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“The Race to the Top-District competition invites applicants to demonstrate how they can personalize education for all students in their schools.” With nearly 900 Intents to Apply submitted as of late August, school districts across the nation have demonstrated their willingness to adopt personalized learning as a priority. Currently, there are several excellent articles exploring why the Race to the Top Competition Matters. In this post, we aim to clearly define and contextualize “personalized learning” with an emphasis on how it relates to Race to the Top.
Despite the prevalence of the term in national conversation, there is not a universally accepted definition of “personalized learning.” Thus, it is often misunderstood and conflated with similar initiatives like individualization or integrating technology. As of yet, the best definition comes from the U.S. Department of Education (ED) in their 2010 National Education Technology Plan, “Transforming American Education: Learning Powered by Technology” which defines personalized leaning by contrasting it with two kindred concepts, differentiation and individualization. The plan presents the three related concepts as follows:
This concept refers to instruction that is paced to the learning needs of different learners. Learning goals are the same for all students, but students can progress through the material at different speeds according to their learning needs. For example, students might take longer to progress through a given topic, skip topics that cover information they already know, or repeat topics they need more help on.
This concept refers to instruction that is tailored to the learning preferences of different learners. Learning goals are the same for all students, but the method or approach of instruction varies according to the preferences of each student or what research has found works best for students like them. Differentiation focuses on channels of instruction and how changing the mode of a lesson may improve student understanding and engagement.
Personalized learning refers to instruction that is paced to learning needs, tailored to learning preferences, and tailored to the specific interests of different learners. In an environment that is fully personalized, the learning objectives and content as well as the method and pace may all vary (so personalization encompasses differentiation and individualization).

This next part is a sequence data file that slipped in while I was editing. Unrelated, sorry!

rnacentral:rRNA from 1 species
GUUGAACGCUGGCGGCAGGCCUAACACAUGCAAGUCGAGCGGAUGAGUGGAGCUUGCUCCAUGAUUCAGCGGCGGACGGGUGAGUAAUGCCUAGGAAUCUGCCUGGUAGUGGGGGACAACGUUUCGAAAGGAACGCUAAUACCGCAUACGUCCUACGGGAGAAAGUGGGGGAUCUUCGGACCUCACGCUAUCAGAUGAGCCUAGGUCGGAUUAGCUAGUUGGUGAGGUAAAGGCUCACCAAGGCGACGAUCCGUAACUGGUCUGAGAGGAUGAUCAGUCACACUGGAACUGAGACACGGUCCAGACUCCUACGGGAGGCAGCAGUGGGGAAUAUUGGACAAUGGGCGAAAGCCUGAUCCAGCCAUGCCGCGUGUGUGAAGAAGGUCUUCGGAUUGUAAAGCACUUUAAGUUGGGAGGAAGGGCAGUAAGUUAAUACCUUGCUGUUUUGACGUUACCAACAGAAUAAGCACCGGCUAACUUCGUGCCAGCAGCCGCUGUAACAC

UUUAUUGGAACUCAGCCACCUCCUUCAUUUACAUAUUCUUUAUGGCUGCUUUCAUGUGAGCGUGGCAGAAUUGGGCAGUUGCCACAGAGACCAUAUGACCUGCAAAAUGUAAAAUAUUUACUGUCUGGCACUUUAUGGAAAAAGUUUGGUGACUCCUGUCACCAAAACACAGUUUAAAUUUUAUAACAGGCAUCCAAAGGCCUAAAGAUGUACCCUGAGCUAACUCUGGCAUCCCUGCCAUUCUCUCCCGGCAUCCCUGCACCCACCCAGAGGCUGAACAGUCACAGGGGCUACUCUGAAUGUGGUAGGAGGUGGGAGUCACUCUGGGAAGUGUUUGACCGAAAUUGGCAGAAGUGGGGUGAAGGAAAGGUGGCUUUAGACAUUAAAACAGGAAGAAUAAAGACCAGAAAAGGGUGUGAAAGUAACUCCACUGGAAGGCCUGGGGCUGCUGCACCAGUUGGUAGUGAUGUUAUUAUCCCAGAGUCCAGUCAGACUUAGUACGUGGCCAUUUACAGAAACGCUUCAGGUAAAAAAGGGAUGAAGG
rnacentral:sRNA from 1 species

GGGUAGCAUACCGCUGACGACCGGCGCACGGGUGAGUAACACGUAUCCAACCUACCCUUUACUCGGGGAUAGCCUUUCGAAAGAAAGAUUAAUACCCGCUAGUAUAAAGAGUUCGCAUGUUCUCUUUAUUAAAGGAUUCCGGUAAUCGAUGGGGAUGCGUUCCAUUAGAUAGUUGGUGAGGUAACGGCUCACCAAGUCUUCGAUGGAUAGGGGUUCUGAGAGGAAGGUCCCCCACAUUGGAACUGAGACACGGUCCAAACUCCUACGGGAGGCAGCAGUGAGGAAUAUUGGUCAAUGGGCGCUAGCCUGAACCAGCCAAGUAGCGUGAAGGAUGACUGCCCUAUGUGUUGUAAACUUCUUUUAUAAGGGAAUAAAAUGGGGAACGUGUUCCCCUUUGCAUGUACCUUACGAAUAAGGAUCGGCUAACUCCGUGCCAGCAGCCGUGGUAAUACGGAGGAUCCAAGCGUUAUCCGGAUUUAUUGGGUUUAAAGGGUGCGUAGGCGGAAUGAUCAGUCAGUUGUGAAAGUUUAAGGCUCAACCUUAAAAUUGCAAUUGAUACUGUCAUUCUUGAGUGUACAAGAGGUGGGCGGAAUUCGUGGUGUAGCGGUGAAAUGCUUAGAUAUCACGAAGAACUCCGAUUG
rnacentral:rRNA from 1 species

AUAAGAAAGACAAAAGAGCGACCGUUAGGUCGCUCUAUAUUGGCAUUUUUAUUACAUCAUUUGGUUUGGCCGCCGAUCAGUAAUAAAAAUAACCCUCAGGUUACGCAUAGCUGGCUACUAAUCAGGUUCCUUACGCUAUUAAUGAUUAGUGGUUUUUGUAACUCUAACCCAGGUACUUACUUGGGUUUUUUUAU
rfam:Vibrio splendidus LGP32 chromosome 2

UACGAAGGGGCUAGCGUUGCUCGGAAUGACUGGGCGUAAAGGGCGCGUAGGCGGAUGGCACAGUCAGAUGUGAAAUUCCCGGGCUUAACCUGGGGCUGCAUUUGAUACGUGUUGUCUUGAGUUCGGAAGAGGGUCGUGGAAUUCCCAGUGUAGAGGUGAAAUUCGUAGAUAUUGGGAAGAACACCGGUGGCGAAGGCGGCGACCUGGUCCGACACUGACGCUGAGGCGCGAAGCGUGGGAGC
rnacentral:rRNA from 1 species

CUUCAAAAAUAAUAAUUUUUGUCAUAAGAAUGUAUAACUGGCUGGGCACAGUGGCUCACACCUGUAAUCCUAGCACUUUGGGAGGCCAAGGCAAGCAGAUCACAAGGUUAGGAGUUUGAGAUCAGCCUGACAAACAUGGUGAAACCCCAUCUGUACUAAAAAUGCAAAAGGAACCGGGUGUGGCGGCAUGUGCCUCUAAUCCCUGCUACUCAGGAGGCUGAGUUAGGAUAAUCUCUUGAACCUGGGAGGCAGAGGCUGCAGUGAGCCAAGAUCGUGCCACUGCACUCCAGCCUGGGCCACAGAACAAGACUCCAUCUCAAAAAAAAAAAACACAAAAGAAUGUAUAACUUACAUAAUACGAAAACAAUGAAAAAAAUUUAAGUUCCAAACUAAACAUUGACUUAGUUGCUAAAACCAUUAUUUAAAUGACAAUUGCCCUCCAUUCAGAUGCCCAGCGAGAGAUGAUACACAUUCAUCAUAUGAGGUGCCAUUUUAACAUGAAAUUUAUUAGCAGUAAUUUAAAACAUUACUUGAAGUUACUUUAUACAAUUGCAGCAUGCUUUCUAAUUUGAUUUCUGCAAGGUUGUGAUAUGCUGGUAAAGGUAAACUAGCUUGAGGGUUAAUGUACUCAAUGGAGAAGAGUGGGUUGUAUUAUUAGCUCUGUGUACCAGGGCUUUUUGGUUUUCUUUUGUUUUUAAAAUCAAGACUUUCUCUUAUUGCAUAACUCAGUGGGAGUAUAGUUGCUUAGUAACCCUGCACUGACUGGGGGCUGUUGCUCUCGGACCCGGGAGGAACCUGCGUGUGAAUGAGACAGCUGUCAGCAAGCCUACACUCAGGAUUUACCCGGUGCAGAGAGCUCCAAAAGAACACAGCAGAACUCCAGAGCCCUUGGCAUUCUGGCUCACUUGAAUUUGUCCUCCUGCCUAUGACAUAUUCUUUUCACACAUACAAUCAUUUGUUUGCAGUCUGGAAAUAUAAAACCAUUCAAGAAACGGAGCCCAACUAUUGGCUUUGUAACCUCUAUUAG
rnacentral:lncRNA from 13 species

Although results on student achievement are mixed across classrooms implementing personalized learning and control groups, research suggests that the real effect of personalized learning can only be observed over time by metrics such as subject matter retention. The good news is that there are a few generally agreed-upon practices regarding its implementation: 1) The enhanced role of the educator and 2) The incorporation of Technology.
The Role of the Educator
Personalized learning highlights the important role of educators in strategically guiding instruction. Instructors must design and reinforce an engaging, supportive learning environment that fosters learning among all students. In order to truly implement “personalized learning” as it is currently defined by the ED, educators must now make decisions about pace and modality, all while catering to individual learning preferences. In other words, teachers will spend more time exploring and catering to an important triad: individuation, differentiation, and personalization. Teachers will of course still devote plenty of time to content when designing lesson plans. However, as we move forward, in addition to a firm grounding in appropriate content, lesson plans will expand to include an anticipation of individual student needs for pacing and learning modalities.
The Role of the Technology
Technology can be used to shorten the feedback loop which provides students, parents, and educators with timely information that can be used to create an increased understanding of individual student needs related to differentiation and individuation. Research also suggests that the use of technology in the classroom can better facilitate 21stcentury learning skills. While access to technology like iPads, electronic clickers, and assessment portfolios certainly aid in implementing personalized learning, it is worth noting that the 2010 guidelines laid out by the ED can all be accomplished without the assistance of technology. Although most programs leverage technology to better accomplish these ends, at least one academy does not. At the time of this research, the Academy of Personalized Learning located in California, does not provide students with devices, but does make use of several online course options.